To protect your cannabis business against audits, ensure you obtain the proper licensing according to the requirements in your location. States and regulatory agencies strictly regulate cannabis businesses. Familiarize yourself with the licensing requirements in your state.
If you have stakeholders investing in your cannabis business, ensure your investors are contributing positively to your company.
The federal designation and social stigma associated with an illegal substance have led to unregistered financing, and when there are beneficial owners, this can lead to complex compliance challenges. This is because beneficial owners enjoy the benefits of owning a business, but the title or activity of the property is in someone else’s name. Compliance issues that could occur include failing to accurately report gross receipts or file a tax return. IRS agents will review these arrangements closely.
Be wary of investors who may attempt to use funds for nefarious reasons. For example, an investor may put in a few thousand dollars that lead your business to become complicit in laundering money, which means converting money that has been gained illegally to “clean” or legitimate money. Through the payments you make to the IRS, the government is likely able to trace this laundered money, which could lead to compliance and legal issues for your business. Examples of money-laundering behaviors to avoid include:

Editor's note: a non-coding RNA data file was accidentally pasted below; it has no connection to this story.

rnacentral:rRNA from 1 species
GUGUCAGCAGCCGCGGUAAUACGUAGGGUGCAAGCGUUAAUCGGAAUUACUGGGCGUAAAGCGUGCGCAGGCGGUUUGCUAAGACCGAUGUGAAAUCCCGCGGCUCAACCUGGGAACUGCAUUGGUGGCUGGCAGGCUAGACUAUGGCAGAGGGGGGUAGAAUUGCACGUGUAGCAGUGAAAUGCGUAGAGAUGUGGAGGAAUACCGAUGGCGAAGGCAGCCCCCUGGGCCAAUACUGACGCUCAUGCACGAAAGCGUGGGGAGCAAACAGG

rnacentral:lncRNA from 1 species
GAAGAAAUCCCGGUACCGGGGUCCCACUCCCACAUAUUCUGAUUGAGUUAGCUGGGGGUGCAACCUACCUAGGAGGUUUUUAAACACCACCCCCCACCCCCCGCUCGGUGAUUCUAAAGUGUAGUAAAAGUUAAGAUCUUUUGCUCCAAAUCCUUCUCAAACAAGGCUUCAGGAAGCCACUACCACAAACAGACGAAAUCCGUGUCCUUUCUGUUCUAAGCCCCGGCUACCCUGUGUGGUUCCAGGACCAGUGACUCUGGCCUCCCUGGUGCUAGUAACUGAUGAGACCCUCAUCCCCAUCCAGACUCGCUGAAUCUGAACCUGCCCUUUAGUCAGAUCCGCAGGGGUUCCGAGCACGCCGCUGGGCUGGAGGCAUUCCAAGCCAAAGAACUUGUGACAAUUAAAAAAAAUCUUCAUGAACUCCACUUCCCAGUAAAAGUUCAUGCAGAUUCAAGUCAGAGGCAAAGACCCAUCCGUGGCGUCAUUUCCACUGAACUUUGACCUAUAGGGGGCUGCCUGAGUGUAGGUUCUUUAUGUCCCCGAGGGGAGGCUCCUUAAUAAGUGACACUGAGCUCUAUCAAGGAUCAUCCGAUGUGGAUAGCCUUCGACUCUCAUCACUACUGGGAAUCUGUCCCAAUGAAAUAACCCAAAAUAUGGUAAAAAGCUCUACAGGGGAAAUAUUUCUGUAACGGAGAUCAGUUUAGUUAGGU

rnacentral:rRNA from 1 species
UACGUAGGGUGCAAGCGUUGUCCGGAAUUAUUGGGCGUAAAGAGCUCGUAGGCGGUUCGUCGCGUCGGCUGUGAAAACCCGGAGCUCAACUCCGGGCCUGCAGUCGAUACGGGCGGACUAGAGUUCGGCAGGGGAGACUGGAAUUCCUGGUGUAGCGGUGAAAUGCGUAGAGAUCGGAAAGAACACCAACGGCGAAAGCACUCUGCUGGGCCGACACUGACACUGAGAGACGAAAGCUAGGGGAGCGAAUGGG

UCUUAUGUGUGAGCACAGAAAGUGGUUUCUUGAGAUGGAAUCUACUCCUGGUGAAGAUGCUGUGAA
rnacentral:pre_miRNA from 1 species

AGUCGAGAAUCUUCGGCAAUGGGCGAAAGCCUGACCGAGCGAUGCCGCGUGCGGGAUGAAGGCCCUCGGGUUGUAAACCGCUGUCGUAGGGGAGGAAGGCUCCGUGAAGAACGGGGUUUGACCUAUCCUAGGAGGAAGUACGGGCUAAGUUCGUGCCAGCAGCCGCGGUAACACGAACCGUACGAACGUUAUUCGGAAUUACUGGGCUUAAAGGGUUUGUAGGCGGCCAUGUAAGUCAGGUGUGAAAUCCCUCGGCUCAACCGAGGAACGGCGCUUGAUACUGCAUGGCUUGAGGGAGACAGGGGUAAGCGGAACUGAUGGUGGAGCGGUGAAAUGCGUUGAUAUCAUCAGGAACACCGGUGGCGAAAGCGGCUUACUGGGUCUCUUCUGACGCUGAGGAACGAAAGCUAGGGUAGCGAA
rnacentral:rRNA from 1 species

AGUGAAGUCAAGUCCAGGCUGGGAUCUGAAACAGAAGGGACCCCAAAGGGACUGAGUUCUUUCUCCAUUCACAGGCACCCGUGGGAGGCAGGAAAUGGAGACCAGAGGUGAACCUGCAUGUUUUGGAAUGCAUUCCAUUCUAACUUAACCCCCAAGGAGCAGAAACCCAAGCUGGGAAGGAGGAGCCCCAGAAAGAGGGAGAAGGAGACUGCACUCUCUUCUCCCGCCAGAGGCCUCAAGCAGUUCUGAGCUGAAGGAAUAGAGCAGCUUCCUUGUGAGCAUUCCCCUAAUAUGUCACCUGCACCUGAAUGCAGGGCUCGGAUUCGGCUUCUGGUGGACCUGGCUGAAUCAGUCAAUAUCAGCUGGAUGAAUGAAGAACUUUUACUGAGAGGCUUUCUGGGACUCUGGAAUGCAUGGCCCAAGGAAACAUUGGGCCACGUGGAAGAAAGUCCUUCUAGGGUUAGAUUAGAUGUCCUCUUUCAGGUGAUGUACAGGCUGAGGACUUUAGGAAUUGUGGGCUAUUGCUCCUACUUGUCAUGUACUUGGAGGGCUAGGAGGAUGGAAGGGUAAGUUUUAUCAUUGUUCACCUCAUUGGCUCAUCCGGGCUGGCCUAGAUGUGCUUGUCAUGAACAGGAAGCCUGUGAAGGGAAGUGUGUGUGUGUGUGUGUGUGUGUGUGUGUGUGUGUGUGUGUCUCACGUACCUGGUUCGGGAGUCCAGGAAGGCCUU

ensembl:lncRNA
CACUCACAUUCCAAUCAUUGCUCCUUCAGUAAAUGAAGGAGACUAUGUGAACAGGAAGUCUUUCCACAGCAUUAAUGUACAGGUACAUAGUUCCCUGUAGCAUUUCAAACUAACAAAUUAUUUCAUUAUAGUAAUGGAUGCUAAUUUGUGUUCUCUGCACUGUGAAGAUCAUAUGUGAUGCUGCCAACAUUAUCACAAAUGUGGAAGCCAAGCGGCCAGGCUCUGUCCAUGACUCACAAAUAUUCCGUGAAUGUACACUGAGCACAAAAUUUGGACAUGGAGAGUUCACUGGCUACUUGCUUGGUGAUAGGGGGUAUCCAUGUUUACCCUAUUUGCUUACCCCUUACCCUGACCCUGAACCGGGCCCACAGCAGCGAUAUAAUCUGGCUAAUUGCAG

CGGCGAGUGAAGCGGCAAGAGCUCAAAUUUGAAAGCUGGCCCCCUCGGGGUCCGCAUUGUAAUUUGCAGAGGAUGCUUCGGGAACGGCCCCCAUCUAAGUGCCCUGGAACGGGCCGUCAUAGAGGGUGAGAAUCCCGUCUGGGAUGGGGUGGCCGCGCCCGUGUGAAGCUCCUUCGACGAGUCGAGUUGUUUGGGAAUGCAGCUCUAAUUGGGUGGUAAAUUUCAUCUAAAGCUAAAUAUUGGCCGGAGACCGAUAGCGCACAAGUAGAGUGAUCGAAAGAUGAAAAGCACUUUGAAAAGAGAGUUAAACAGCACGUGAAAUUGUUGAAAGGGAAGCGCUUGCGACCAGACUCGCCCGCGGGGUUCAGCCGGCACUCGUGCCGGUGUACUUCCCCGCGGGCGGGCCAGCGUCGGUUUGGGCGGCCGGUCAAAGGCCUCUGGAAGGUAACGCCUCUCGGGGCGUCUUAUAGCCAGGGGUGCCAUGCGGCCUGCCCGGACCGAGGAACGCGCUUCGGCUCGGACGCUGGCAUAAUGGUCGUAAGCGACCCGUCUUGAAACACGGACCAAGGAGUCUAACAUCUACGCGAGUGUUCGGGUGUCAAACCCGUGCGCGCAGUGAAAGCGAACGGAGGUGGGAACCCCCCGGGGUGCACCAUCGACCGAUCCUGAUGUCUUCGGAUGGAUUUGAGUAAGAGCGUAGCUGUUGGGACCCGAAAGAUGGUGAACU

Money-laundering violations can lead to investigations, civil litigation, loss of your cannabis license or jail time.
Many cannabis businesses do not use a bank to store their funds and instead conduct their transactions in cash. This setup is due to marijuana still being classified as a Schedule I controlled drug in the U.S.